London — Across Europe consumers are opting for domestic holidays and destinations reachable by car this summer, widening the chasm between recovery in jet and road fuel demand.
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According to traders, some consumers are afraid to fly in light of the coronavirus pandemic, and others fear a quarantine may be imposed on their return. Further, other travelers want to avoid the risk of cancellations. All of this means that many travelers would prefer to stay closer to home. And this preference for domestic tourism has provided support to diesel markets.
S&P Global Platts data shows the NWE jet fuel barge crack against ICE Brent was assessed Aug. 12 at a $5.57/b discount to the diesel crack -- a relationship that has held fairly steady over the past few months.
Typically the jet crack is at a premium to diesel and hit a one year high on January 27 of $1.68/b before the pandemic.
Gasoline cracks have fared better as well. Platts assessed the 10 ppm Eurobob crack to ICE Brent at $2.40/b Aug. 13, compared to minus 50 cents/b for jet.
"In Turkey, for example, international tourism is down, but domestic tourism is booming," a Mediterranean diesel trader said. "The coronavirus situation is still difficult there but people want the summer break, they are trying to go somewhere else so they use their cars more."
"Overall demand for diesel is not too bad in Germany, there is no lockdown and agricultural demand is okay, however storage levels are quite high for ULSD and heating oil and there is a kind of oversupply anyway in the whole of Europe," another diesel trader said. "There are a lot of domestic holidays in Germany, so more people are using gasoline and diesel rather than jet fuel."
In Spain, diesel demand in July fell 11% year on year to 2.2 million cu m (1.9 million mt), a narrower decline than the 15% fall in June, 32% in May and 43% in April, Spanish national fuel distributor Compania Logistica de Hidrocarburos (CLH) said August 3.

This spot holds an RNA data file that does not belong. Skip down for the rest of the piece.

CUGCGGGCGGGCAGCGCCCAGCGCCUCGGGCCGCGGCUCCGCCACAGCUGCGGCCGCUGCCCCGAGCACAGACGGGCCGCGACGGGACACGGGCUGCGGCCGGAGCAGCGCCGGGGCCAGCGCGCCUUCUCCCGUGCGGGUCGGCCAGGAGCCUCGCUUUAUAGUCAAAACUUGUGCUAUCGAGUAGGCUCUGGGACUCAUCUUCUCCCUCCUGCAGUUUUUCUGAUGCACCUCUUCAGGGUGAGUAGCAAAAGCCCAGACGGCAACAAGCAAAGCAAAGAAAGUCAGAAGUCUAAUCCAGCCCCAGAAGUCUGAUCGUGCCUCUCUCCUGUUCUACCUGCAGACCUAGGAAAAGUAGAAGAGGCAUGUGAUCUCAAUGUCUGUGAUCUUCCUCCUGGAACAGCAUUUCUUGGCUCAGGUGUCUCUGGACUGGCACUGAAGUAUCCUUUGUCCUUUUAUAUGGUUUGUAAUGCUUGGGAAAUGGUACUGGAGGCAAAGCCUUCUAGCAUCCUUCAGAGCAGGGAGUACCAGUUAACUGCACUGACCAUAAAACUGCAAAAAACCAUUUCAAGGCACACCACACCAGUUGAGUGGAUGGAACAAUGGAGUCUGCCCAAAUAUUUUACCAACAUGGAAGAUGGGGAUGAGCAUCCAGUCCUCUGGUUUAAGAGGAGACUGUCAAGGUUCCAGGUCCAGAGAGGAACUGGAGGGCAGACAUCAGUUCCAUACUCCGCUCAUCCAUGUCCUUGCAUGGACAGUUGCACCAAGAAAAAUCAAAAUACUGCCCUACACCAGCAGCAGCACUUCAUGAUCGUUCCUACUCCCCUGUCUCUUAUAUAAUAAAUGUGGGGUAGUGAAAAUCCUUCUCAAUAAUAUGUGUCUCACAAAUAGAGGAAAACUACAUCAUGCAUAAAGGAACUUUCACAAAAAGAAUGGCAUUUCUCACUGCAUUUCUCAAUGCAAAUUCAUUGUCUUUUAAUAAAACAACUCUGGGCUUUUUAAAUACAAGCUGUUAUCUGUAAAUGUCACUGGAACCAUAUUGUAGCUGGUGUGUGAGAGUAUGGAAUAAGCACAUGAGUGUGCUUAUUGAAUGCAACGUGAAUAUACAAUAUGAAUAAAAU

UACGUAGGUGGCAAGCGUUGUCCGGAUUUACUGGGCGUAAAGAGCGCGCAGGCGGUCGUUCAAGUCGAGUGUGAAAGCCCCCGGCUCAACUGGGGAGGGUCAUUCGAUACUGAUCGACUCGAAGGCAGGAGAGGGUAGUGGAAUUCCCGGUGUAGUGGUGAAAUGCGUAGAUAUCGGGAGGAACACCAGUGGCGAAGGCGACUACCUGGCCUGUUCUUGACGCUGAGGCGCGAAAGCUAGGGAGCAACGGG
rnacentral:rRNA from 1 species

Spanish gasoline demand was down just 8% year on year at 501,000 cu m (376,000 mt), recovering from declines of 25% in June, 58% in May and 79% in April, the data showed.
This is in stark contrast to jet fuel demand which was down 75% year on year at 190,000 cu m, up from the 158,000 cu m total demand across April to June, which according to national reserves agency CORES saw the lowest quarterly fuel demand on record back to 1996.
The International Energy Agency said Aug. 13 that longer term, global jet fuel demand is expected to fall by 39%, or 3.1 million b/d this year.
Jet fuel forward curves illustrate this. The year-one (cal 2021) jet fuel swap to ICE gasoil hit $8.50/mt Aug. 13, lowest on record in data going back to 2001.
Global flying capacity fell below 60 million seats for the week starting Aug. 10, and is 50% below last year's level, according to aviation information provider OAG on Aug. 10.
Jet woes to continue
One jet fuel trader said the short-term outlook for the jet fuel market in Europe remained grim.
"There is so much product on the water, all tanks are full, a million tons in tank, there is 2 million tons laying in the water, there is so much jet in store on water," he said.
"The only thing that we see is quite a lot of cancellations at the end of August, particularly for Egypt, Morocco and Turkey, otherwise we have network which is scaling up a bit from July to August yet, if there are more cases of COVID-19, domestic airports are closed," he said.
The trader said that while some international flights have restarted from Europe to South America, North America and China, the number of long-haul flights remained very small. According to him, refiners produce more jet fuel than they can store, crack is on the negative and there is already a maximum amount of jet fuel blended into diesel.
"You can't store jet in diesel tanks so there isn't really any more places to store jet even if diesel stocks are falling," he said.
Road fuel recovery
Mobility data shows what is driving the strength in European diesel demand.
Google's Community Mobility Report shows rising mobility across Germany, France, the UK, Italy and Spain since April. The data shows a sharp increase in mobility to parks since May and June, overtaking mobility to workplaces that declined in July and August.
Average mobility to Parks across Germany in August so far was 163% higher than the baseline which was the median value from the five-week period from January 3 to Feb 6, 2020, Google data shows.
Mobility to workplaces increased towards June, but then started to decline in July as holiday season kicked in, with this trend continuing into August.
In the UK, transport data released by the Department for Transport has shown a change in the way consumers travel. July saw car travel at an average of 83% of baseline levels. Further, weekend car travel has been much higher than during the week, with levels reaching 102% of baseline levels on Aug. 9.